SITUATED ON THE UPPER EAST SIDE with a glorious view of the park, the Athenia Hotel was supposed to be some kind of Olympus, high in the clouds above the mere mortals, a place for playing and drinking and dancing like gods. But as Macey followed her father and mother out of the gleaming elevator and into the towering ballroom, she wasn’t exactly in the mood.
Sure, the Calloway Ball was supposed to be the charity event of the season, but before Macey had even entered the ballroom, she already knew precisely what she was going to find.
She saw the same food and the same band. The same old men flirting with the same young women. The same stories and canapés and people pretending they were there for charity and not just for a picture in the gossip columns on Page Six.
So Macey decided not to look at the room as the daughter of a senator and a cosmetics heiress. Macey found herself looking at it as a Gallagher Girl. She heard her Covert Operations instructor’s voice in her ear as she counted the exits in the ballroom (five) and the armed security professionals there to watch over VIPs (three). She mentally noted the best ways to block the cameras, and she eavesdropped on ten different conversations in four different languages. But still, Macey McHenry couldn’t help herself.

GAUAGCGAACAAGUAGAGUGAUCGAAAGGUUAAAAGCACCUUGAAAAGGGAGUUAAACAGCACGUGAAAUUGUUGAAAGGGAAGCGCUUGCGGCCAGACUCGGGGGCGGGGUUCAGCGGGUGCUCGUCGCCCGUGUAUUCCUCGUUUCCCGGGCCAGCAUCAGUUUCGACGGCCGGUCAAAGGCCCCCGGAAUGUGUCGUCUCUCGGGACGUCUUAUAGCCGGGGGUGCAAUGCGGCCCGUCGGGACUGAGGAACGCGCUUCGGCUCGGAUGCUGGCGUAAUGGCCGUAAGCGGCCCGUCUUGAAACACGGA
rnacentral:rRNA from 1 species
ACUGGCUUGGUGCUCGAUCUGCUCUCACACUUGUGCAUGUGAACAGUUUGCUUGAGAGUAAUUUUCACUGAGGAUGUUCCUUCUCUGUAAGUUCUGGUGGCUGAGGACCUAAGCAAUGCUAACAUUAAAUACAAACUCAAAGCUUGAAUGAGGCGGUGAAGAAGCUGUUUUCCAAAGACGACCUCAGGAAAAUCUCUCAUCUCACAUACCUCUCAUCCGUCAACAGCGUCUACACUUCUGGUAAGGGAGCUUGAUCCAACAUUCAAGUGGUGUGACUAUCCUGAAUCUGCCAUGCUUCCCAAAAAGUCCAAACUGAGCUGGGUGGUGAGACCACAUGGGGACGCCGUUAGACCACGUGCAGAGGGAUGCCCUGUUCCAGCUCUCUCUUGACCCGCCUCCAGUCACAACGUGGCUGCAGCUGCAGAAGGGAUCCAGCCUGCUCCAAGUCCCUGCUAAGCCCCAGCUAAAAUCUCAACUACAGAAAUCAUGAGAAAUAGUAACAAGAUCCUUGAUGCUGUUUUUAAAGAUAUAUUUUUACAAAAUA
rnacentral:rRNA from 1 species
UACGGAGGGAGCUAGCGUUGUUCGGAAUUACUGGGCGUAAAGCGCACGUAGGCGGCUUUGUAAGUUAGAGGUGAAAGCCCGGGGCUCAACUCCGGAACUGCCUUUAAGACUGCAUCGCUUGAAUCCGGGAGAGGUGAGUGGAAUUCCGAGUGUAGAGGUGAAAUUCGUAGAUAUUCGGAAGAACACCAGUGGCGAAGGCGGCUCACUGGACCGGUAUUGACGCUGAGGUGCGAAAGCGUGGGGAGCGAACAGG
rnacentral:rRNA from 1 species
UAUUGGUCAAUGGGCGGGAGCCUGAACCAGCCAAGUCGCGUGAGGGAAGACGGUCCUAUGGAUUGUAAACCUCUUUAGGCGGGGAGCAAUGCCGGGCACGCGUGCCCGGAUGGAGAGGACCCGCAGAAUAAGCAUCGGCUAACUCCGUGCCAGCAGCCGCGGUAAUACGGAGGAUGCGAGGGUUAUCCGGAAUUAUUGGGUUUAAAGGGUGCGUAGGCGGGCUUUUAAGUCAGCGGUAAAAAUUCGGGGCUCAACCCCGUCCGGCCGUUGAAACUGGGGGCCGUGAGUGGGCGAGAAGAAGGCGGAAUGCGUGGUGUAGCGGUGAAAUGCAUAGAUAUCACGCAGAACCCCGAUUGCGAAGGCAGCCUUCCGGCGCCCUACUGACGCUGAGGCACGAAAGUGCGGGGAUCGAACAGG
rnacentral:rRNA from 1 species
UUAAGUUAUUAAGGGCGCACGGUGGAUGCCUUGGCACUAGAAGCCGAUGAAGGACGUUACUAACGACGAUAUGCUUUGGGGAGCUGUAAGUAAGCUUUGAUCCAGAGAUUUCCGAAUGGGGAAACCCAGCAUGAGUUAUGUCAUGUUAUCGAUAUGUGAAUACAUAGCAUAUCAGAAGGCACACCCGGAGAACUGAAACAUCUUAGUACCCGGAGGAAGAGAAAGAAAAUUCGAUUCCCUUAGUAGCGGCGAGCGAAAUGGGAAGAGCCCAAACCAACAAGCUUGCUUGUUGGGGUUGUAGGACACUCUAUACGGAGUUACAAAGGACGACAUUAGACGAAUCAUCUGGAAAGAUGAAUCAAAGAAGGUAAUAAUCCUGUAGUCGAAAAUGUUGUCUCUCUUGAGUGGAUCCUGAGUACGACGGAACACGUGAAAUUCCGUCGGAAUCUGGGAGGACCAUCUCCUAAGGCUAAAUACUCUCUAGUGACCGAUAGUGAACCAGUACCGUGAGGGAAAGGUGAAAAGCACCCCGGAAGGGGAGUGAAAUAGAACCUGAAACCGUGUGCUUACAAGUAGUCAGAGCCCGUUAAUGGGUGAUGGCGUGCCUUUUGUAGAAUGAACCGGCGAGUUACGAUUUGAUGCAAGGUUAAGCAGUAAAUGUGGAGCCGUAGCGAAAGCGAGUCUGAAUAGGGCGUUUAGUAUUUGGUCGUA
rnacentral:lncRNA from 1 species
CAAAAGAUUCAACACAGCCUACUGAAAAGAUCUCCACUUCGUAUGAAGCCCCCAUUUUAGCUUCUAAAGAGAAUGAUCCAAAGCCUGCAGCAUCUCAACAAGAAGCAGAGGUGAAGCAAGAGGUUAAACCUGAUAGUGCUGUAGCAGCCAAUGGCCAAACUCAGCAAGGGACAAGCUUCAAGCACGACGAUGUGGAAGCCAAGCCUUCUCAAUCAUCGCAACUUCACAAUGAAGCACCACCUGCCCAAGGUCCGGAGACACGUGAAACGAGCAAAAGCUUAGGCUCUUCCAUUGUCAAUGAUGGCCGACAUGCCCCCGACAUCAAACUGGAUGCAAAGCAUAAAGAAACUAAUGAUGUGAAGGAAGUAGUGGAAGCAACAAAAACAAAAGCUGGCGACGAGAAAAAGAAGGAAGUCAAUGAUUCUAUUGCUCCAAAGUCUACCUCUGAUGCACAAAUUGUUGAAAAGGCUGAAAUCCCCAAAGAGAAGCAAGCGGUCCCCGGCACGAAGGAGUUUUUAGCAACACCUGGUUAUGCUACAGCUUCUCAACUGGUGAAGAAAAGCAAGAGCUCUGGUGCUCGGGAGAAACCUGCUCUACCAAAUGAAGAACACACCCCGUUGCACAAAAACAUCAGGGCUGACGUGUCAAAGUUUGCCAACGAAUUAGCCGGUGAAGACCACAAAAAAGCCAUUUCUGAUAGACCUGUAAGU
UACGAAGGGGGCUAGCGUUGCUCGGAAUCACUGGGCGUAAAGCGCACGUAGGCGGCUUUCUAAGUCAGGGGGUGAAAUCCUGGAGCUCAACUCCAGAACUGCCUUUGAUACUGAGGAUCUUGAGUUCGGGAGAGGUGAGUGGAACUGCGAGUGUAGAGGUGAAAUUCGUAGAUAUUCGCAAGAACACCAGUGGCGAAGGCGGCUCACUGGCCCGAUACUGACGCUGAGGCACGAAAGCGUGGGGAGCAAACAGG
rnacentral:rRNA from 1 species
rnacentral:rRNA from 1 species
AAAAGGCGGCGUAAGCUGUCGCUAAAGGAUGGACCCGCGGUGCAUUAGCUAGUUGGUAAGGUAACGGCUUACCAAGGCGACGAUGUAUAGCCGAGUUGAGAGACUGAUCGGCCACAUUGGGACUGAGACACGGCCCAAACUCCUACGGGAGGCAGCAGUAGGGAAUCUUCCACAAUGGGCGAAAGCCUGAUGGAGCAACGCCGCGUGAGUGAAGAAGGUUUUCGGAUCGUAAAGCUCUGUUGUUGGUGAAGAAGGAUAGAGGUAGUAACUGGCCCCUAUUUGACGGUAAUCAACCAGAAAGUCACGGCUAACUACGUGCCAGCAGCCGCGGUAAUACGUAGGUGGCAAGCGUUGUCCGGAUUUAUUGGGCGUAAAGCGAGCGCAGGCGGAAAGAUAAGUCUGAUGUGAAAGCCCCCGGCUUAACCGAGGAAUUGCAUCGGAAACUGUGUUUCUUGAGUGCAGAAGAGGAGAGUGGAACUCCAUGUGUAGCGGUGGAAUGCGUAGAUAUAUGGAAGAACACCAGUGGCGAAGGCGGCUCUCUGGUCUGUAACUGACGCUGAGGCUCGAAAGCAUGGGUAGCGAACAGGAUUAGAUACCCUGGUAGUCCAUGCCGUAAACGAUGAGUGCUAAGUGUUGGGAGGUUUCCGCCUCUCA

Macey McHenry was bored.
She was just starting to consider her escape (the fire exit near the kitchen seemed especially promising) when, at last, Macey saw something that she absolutely was not expecting.
Oh, there were always plenty of young men at these parties. They went by names like Scooter and Mitchell and Beau and were frequently juniors or seconds or thirds. They went to schools like Colgan and Exeter and had hobbies that varied from polo to yachting, womanizing to rehab. But walking through the door right then was one boy who seemed, in a word, different from the others.